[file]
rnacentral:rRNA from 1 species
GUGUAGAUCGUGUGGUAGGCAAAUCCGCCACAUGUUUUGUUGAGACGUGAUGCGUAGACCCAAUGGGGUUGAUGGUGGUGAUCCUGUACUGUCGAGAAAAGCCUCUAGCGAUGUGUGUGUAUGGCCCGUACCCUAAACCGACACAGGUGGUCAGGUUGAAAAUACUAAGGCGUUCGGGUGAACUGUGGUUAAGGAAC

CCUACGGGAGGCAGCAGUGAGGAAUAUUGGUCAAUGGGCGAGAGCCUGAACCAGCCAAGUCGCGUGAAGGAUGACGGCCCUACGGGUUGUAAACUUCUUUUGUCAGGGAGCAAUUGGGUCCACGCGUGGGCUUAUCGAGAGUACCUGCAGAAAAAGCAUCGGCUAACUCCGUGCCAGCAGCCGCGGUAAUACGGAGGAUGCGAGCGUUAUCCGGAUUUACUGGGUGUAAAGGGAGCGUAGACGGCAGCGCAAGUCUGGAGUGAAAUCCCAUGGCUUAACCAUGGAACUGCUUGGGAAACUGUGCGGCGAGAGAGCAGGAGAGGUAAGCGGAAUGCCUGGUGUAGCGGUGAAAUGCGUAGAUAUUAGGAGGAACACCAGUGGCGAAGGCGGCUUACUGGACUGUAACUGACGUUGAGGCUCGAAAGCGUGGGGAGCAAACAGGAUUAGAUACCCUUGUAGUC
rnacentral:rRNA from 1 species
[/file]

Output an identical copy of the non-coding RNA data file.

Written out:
rnacentral:rRNA from 1 species
GUGUAGAUCGUGUGGUAGGCAAAUCCGCCACAUGUUUUGUUGAGACGUGAUGCGUAGACCCAAUGGGGUUGAUGGUGGUGAUCCUGUACUGUCGAGAAAAGCCUCUAGCGAUGUGUGUGUAUGGCCCGUACCCUAAACCGACACAGGUGGUCAGGUUGAAAAUACUAAGGCGUUCGGGUGAACUGUGGUUAAGGAAC

CCUACGGGAGGCAGCAGUGAGGAAUAUUGGUCAAUGGGCGAGAGCCUGAACCAGCCAAGUCGCGUGAAGGAUGACGGCCCUACGGGUUGUAAACUUCUUUUGUCAGGGAGCAAUUGGGUCCACGCGUGGGCUUAUCGAGAGUACCUGCAGAAAAAGCAUCGGCUAACUCCGUGCCAGCAGCCGCGGUAAUACGGAGGAUGCGAGCGUUAUCCGGAUUUACUGGGUGUAAAGGGAGCGUAGACGGCAGCGCAAGUCUGGAGUGAAAUCCCAUGGCUUAACCAUGGAACUGCUUGGGAAACUGUGCGGCGAGAGAGCAGGAGAGGUAAGCGGAAUGCCUGGUGUAGCGGUGAAAUGCGUAGAUAUUAGGAGGAACACCAGUGGCGAAGGCGGCUUACUGGACUGUAACUGACGUUGAGGCUCGAAAGCGUGGGGAGCAAACAGGAUUAGAUACCCUUGUAGUC
rnacentral:rRNA from 1 species